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Posted by on in SageWoman Blogs
The Dark Mother

Autumn is my favorite season. As the Autumnal Equinox/Mabon/Alban Elfed approaches, I’m thinking of how this season has always carried a sense of magic and spirit… of descent into the sacred secrets of time… a place of reckoning, with a wise power that can see you as you go, while all the foliate cover falls away… a place where truth can’t hide. Truth is powerful and healing and terrible and cleansing and undeniable, and this is the cathartic season where you feast on it, and it feasts on you.

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  • donna
    donna says #
    I too love both the light & dark times for they both bring their own unique gifts. Luckily, I've never had the fear of the Dark Mo
The Facts of Life on a Tantric Path

In Tantra, there is a famous dictum that guides, “Yair eva patanam dravyaih siddhis tair eva.” It offers us instruction on the facts of life: “that by which one falls is also that by which one rises.” On first glance, it might appear as though this is no different than the adage, “what doesn’t kill you makes you stronger.” But the lynchpin of Tantra here is not the resilience we might cultivate while withstanding the blows of living. Rather, it is the paradox that one’s own unique psycho-spiritual mechanism of failure is not merely the impetus toward enlightenment; but it is actually the only thing that has the power to let us finally reach it.

The first step on a path toward self-realization is likely obvious. We must let go of our egos enough to embrace failure as a teacher. While this does allow us to gain resilience from the lessons built right into the fabric of our everyday lives, we must still come to learn the ways in which the beautiful secrets of our soul lie hidden below the residue of failures brought on by the oppressions we carry within us. Most concretely, these are the consciously or unconsciously inflicted slights (and our internalization of them) of our upbringing at the hands of those in various social, religious, and cultural institutions, including our family. Less graspable are the residues of our karma from prior incarnations. Either way, getting to and beneath those layers is an essential step in deepening our progress on the spiritual path. And this work is what makes us capable of understanding our own particular variety of a spiritual homeopathic cure—like curing like—in service to the unveiling of our soul.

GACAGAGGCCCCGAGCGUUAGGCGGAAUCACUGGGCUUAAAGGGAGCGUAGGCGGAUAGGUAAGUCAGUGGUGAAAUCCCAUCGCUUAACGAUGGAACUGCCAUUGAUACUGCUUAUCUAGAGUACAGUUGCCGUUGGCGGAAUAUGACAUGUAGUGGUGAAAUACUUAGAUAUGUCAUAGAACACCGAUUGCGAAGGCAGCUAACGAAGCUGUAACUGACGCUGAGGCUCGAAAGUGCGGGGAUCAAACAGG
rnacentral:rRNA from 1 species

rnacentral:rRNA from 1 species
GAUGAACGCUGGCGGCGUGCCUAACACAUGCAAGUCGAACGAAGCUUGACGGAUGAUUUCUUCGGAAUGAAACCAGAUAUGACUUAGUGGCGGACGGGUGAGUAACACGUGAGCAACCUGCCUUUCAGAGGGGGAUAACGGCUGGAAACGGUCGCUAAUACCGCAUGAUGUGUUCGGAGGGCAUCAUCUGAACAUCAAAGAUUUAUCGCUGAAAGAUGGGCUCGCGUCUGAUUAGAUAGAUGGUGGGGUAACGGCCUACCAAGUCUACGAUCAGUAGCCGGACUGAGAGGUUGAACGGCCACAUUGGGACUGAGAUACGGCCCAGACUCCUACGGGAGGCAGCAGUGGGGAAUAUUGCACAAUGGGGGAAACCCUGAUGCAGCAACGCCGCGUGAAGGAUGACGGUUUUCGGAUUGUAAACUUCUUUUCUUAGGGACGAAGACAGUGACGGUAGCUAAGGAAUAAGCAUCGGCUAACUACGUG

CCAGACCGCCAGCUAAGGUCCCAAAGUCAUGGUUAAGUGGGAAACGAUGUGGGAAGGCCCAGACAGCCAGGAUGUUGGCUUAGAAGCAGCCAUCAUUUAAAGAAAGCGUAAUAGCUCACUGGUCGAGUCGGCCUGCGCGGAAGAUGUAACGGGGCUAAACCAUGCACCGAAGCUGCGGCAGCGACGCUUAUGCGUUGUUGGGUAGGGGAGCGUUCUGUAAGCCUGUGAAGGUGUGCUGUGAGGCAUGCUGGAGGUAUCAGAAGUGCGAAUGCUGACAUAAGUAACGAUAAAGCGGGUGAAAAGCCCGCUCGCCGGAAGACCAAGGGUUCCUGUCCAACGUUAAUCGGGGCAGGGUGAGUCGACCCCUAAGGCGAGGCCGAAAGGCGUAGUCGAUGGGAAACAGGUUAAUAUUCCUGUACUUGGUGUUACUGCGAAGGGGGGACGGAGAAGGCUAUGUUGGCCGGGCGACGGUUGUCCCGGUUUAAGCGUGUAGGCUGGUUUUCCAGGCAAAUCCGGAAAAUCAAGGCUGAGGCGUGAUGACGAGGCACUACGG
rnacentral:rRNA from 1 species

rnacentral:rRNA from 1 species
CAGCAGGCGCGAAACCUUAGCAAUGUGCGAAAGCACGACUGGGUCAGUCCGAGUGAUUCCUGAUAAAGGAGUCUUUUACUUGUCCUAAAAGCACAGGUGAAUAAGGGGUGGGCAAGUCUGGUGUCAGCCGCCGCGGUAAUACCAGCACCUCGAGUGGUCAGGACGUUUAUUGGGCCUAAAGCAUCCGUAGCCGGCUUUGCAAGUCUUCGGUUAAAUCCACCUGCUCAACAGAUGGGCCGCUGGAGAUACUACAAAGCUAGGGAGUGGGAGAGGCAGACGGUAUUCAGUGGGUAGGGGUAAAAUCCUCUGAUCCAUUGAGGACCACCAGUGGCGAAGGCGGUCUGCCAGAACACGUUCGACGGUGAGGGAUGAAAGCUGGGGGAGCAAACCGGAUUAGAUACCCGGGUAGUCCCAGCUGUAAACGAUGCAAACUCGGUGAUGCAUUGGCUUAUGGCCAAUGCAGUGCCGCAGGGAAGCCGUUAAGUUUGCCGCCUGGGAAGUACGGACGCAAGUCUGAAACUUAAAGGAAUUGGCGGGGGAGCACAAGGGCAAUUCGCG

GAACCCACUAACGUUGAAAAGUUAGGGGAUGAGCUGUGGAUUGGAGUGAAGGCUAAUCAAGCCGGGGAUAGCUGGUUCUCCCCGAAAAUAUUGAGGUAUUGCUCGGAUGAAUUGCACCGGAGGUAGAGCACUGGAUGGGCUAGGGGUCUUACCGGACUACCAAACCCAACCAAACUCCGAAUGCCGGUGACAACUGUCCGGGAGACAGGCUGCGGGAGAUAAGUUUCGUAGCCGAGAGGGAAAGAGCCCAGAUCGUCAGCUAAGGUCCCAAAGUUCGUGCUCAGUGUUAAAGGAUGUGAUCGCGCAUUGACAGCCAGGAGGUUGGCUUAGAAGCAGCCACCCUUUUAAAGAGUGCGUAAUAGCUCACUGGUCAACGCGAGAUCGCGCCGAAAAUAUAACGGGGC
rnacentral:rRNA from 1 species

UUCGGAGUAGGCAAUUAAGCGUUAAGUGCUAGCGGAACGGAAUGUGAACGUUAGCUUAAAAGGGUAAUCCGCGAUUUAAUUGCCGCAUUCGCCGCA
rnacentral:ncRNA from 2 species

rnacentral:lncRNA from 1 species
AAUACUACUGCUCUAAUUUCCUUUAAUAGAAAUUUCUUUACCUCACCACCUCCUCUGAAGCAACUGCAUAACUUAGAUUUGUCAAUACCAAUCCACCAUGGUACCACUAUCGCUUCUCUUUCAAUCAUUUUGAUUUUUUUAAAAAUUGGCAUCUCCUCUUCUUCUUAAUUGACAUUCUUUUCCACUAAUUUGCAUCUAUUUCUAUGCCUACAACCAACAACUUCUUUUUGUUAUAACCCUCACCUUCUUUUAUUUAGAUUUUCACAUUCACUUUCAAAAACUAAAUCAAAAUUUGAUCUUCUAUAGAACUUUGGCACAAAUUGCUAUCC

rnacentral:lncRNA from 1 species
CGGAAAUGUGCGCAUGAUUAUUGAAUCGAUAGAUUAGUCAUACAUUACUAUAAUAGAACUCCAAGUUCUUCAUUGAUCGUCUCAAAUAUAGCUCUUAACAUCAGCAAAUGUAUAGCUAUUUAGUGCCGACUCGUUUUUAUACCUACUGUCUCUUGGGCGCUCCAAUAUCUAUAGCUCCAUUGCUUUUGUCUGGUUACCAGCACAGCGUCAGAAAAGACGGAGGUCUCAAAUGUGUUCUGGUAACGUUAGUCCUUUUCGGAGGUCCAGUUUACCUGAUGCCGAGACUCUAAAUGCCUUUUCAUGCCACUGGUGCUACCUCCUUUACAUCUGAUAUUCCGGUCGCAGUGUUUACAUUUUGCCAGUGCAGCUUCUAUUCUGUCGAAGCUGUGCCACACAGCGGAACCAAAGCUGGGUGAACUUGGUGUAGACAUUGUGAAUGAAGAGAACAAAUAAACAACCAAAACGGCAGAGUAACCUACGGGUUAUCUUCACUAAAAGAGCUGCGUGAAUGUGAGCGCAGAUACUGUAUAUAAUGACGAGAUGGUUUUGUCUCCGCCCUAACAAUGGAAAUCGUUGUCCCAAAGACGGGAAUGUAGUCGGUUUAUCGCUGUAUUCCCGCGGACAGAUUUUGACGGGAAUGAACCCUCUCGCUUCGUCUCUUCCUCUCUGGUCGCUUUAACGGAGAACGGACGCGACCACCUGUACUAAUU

Embracing Tantra as a way of life, we set ourselves up for a complete reconstitution of self, from the physical to the psycho-spiritual, in order to find the authentic essence we carry within us.  That essence is our soul, a spark of the boundless Divine that exists beyond the confines of spacetime limitations. In choosing involution toward incarnation, that spark sacrifices its infinite self in order to experience another one of the infinite number of selves expressing themselves through life. Hence, as souls encapsulated, the stuff of failure is inevitable. Just as there exists suffering as a necessary condition of creation (the sacrifice required of the Divine to become manifest), so too must we experience failure as a necessary condition of our evolution.

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Posted by on in Studies Blogs
Meditations on Hávamál, 15-18

More in this continuing series on the poem of gnomic wisdom from Old Norse: this entry focuses on courage and wisdom as well as how travel broadens the mind.

15.
Þagalt ok hugalt
skyli þjóðans barn
ok vígdjarft vera;
glaðr ok reifr
skyli gumna hverr,
unz sinn bíðr bana.

16.
Ósnjallr maðr
hyggsk munu ey lifa,
ef hann við víg varask;
en elli gefr
hánum engi frið,
þótt hánum geirar gefi.

17.
Kópir afglapi
er til kynnis kemr,
þylsk hann um eða þrumir;
allt er senn,
ef hann sylg of getr,
uppi er þá geð guma.

18.
Sá einn veit
er víða ratar
ok hefr fjölð of farit,
hverju geði
stýrir gumna hverr,
sá er vitandi er vits.

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Posted by on in Studies Blogs
Meditations on Hávamál, 10-14

10.
Byrði betri
berr-at maðr brautu at
en sé mannvit mikit;
auði betra
þykkir þat í ókunnum stað;
slíkt er válaðs vera.

11.
Byrði betri
berr-at maðr brautu at
en sé mannvit mikit;
vegnest verra
vegr-a hann velli at
en sé ofdrykkja öls.

12.
Er-a svá gótt
sem gótt kveða
öl alda sona,
því at færa veit,
er fleira drekkr
síns til geðs gumi.

13.
Óminnishegri heitir
sá er yfir ölðrum þrumir,
hann stelr geði guma;
þess fugls fjöðrum
ek fjötraðr vark
í garði Gunnlaðar.

14.
Ölr ek varð,
varð ofrölvi
at ins fróða Fjalars;
því er ölðr bazt,
at aftr of heimtir
hverr sitt geð gumi.

 

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